loads of food but the parc market is fine and the sandwiches and pasties etc are similarly priced to local bakeries. Ditto everyone elses advice, The Lakeside inn is nice but the Indian isnt amazing, the horse riding is a massive trek to get to but worth it ... have a lovely time smile

ColdCottage Fri 01-Aug-14 09:14:40

Book anything you know you want to do in advance as can get booked up, especially the Spa.

Are you taking your own bikes? Don't forget your bike lock.

Yes to taking own main food and pre planning/cooking so you can just whip us a salad and good to go.

Couple of DVDs and popcorn do cinema night.

Blanket to sit on by the water.

Midge candle so you can sit outside and enjoy your wine without being bitten, though in October you should be fine.

Multiple swim ware or you will be getting into a wet cossie confused

victoryinthekitchen Fri 01-Aug-14 10:15:45

cheers for tips, really looking forward to it!

OP’s posts: |
mandy214 Fri 01-Aug-14 10:20:53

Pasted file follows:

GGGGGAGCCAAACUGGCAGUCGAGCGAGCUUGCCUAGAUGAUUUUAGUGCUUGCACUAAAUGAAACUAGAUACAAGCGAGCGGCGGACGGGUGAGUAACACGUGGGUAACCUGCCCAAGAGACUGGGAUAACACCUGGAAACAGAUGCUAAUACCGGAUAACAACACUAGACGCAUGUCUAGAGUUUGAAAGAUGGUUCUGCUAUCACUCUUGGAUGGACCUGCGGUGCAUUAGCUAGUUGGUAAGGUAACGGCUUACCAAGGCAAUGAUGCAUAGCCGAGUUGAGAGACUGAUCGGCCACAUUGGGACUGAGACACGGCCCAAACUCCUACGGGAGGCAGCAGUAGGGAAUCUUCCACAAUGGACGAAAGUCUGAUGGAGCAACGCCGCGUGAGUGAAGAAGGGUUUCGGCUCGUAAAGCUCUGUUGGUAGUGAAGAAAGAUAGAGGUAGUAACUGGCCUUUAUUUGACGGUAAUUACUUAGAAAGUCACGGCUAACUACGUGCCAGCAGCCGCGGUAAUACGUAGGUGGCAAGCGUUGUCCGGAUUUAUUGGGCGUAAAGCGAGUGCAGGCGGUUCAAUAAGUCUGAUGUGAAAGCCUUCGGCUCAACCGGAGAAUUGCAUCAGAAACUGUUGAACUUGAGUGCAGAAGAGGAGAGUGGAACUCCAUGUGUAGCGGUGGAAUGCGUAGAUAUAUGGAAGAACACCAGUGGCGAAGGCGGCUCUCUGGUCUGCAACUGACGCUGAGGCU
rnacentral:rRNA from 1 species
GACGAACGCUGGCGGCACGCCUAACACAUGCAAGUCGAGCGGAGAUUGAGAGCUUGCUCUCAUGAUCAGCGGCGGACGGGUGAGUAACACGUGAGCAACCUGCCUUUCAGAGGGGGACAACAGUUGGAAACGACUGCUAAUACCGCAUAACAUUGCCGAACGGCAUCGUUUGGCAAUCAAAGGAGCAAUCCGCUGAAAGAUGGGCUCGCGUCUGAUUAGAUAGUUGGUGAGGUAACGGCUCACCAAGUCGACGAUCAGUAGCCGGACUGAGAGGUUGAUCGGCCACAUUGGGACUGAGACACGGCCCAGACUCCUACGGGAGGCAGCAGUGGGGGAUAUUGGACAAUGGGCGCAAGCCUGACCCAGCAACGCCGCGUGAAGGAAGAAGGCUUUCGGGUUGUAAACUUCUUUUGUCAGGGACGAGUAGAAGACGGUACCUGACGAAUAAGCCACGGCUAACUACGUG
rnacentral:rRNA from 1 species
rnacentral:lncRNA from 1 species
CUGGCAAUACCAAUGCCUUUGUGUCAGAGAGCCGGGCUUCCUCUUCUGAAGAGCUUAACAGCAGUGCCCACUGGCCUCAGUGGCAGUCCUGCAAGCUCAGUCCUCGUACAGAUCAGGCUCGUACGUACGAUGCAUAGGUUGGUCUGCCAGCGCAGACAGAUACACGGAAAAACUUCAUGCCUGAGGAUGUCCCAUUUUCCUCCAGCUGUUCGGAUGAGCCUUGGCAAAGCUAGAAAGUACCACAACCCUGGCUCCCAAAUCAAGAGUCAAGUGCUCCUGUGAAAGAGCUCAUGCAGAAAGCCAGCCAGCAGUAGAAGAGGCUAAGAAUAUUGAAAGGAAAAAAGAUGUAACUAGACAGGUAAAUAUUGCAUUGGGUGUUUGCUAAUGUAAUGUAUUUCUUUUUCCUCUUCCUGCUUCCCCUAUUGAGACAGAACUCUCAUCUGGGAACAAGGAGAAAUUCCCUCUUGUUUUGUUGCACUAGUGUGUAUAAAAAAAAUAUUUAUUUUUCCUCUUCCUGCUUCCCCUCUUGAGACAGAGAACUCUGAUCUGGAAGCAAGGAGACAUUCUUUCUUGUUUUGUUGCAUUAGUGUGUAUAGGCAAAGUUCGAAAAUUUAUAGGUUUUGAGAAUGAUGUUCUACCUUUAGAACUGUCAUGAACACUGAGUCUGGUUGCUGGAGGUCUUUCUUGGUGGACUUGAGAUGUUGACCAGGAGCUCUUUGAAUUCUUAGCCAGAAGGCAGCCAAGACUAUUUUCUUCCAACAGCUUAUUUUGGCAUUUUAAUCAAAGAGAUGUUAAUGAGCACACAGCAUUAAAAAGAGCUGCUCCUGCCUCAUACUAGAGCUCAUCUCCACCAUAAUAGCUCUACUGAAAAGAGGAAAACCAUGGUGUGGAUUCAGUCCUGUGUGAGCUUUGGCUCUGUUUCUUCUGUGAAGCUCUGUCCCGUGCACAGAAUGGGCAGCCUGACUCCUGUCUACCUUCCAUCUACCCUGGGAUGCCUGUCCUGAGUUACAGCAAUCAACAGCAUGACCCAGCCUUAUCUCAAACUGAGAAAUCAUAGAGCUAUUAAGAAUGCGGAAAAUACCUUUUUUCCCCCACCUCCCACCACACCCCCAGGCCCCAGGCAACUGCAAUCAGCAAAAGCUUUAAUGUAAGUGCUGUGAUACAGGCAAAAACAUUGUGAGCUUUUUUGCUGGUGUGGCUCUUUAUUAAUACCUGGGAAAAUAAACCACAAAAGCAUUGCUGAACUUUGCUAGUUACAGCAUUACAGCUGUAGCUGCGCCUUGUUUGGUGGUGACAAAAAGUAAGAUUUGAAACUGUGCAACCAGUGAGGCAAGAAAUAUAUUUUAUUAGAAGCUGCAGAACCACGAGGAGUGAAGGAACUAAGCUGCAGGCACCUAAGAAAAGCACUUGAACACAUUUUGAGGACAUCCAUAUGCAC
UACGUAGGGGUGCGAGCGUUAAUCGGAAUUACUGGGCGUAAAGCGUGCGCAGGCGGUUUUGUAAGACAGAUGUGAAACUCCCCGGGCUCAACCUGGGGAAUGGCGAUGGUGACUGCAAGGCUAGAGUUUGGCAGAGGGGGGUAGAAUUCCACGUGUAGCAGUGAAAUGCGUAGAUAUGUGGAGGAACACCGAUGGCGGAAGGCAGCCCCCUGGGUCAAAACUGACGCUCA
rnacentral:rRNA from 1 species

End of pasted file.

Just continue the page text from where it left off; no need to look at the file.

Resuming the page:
We went for the first time this year (not Whinfell though) and absolutely loved it (with similar aged children). We were in our school hols which are different to most other areas, so not officially school hols according to Center Parcs, but it was still pretty rammed in the pool area during the day. If you're going in October half term, be prepared for it to be busy. If your children like doing the slides / rapids etc there will probably be big queues, so my top advice would be to switch your day around so that you use the pool from about tea time to when it closes. Most of the families with pre-school children / babies had gone by that time and there were few queues and it was pretty much perfect. There was a part of the pool area called Treasure Cove (for little ones but I have a 5yr old too) and we had that completely to ourselves one night. I think it closed at 9pm so we used to go from say 6pm-9pm. It used to be all lit up at night too - they loved it. Children would be in bed at 9.45- 10pm (late for my children) but slept in until 9am (unheard of) so we all got a break smile.